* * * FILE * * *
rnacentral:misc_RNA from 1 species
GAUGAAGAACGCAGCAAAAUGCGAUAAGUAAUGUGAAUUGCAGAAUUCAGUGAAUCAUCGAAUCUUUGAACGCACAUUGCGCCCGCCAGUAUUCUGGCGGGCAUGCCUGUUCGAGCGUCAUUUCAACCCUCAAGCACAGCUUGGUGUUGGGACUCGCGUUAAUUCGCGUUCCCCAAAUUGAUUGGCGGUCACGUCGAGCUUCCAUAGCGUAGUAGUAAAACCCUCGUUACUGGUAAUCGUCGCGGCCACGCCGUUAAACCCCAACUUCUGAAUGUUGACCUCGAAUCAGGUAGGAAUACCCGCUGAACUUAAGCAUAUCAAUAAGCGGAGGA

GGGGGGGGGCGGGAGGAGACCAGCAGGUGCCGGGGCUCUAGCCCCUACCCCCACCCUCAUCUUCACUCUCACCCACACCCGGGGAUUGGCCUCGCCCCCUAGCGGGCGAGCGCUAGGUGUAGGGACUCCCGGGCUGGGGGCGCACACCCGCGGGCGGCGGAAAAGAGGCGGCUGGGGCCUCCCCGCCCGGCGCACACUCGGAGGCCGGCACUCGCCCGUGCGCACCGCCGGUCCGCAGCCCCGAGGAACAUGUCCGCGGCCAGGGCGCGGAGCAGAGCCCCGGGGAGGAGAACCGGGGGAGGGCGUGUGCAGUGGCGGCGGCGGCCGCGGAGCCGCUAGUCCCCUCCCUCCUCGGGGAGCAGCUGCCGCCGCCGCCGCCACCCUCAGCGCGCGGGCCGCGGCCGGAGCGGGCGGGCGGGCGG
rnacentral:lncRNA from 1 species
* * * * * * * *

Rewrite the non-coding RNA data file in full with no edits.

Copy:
rnacentral:misc_RNA from 1 species
GAUGAAGAACGCAGCAAAAUGCGAUAAGUAAUGUGAAUUGCAGAAUUCAGUGAAUCAUCGAAUCUUUGAACGCACAUUGCGCCCGCCAGUAUUCUGGCGGGCAUGCCUGUUCGAGCGUCAUUUCAACCCUCAAGCACAGCUUGGUGUUGGGACUCGCGUUAAUUCGCGUUCCCCAAAUUGAUUGGCGGUCACGUCGAGCUUCCAUAGCGUAGUAGUAAAACCCUCGUUACUGGUAAUCGUCGCGGCCACGCCGUUAAACCCCAACUUCUGAAUGUUGACCUCGAAUCAGGUAGGAAUACCCGCUGAACUUAAGCAUAUCAAUAAGCGGAGGA

GGGGGGGGGCGGGAGGAGACCAGCAGGUGCCGGGGCUCUAGCCCCUACCCCCACCCUCAUCUUCACUCUCACCCACACCCGGGGAUUGGCCUCGCCCCCUAGCGGGCGAGCGCUAGGUGUAGGGACUCCCGGGCUGGGGGCGCACACCCGCGGGCGGCGGAAAAGAGGCGGCUGGGGCCUCCCCGCCCGGCGCACACUCGGAGGCCGGCACUCGCCCGUGCGCACCGCCGGUCCGCAGCCCCGAGGAACAUGUCCGCGGCCAGGGCGCGGAGCAGAGCCCCGGGGAGGAGAACCGGGGGAGGGCGUGUGCAGUGGCGGCGGCGGCCGCGGAGCCGCUAGUCCCCUCCCUCCUCGGGGAGCAGCUGCCGCCGCCGCCGCCACCCUCAGCGCGCGGGCCGCGGCCGGAGCGGGCGGGCGGGCGG
rnacentral:lncRNA from 1 species